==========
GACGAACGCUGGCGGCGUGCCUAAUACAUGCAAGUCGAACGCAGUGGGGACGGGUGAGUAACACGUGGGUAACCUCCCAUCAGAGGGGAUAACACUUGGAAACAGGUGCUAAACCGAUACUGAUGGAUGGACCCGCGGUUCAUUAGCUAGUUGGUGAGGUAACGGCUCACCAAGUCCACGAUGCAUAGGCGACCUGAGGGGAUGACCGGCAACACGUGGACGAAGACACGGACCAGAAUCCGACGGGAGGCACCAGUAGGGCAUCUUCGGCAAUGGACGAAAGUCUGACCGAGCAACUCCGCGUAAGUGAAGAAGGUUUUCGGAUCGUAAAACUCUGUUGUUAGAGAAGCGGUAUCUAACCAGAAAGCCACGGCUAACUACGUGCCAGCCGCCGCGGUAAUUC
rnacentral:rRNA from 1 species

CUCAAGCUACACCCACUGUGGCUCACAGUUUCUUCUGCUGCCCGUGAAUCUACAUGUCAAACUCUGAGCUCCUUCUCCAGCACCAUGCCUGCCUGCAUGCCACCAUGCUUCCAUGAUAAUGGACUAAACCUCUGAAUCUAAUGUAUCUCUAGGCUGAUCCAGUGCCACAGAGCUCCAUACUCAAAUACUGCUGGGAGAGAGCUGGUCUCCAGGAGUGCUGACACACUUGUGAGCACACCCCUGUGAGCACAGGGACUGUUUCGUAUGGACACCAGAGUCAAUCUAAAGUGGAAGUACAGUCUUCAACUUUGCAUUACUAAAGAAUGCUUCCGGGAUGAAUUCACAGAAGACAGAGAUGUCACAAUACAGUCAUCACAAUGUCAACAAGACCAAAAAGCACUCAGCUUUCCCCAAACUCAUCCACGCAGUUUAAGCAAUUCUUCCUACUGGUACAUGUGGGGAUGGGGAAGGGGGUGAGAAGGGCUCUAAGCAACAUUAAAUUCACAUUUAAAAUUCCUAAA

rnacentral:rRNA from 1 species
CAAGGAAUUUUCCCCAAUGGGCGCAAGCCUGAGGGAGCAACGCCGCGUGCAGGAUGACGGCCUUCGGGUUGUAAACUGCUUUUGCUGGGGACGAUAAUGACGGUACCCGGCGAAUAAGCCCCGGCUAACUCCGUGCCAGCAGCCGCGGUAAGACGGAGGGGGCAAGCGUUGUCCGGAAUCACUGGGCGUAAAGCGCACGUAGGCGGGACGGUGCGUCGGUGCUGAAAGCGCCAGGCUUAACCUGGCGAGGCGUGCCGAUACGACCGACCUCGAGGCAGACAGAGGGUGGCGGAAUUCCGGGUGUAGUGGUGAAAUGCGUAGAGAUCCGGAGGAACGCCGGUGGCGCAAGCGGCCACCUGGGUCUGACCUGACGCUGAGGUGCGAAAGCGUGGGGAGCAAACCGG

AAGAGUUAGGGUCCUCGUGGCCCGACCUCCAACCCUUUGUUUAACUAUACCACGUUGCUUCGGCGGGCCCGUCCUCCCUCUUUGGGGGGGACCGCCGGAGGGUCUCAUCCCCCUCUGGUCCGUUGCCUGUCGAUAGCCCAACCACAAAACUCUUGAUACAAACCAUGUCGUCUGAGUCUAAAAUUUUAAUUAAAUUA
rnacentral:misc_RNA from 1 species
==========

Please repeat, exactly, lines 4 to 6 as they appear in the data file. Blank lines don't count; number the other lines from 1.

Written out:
rnacentral:rRNA from 1 species
CAAGGAAUUUUCCCCAAUGGGCGCAAGCCUGAGGGAGCAACGCCGCGUGCAGGAUGACGGCCUUCGGGUUGUAAACUGCUUUUGCUGGGGACGAUAAUGACGGUACCCGGCGAAUAAGCCCCGGCUAACUCCGUGCCAGCAGCCGCGGUAAGACGGAGGGGGCAAGCGUUGUCCGGAAUCACUGGGCGUAAAGCGCACGUAGGCGGGACGGUGCGUCGGUGCUGAAAGCGCCAGGCUUAACCUGGCGAGGCGUGCCGAUACGACCGACCUCGAGGCAGACAGAGGGUGGCGGAAUUCCGGGUGUAGUGGUGAAAUGCGUAGAGAUCCGGAGGAACGCCGGUGGCGCAAGCGGCCACCUGGGUCUGACCUGACGCUGAGGUGCGAAAGCGUGGGGAGCAAACCGG

AAGAGUUAGGGUCCUCGUGGCCCGACCUCCAACCCUUUGUUUAACUAUACCACGUUGCUUCGGCGGGCCCGUCCUCCCUCUUUGGGGGGGACCGCCGGAGGGUCUCAUCCCCCUCUGGUCCGUUGCCUGUCGAUAGCCCAACCACAAAACUCUUGAUACAAACCAUGUCGUCUGAGUCUAAAAUUUUAAUUAAAUUA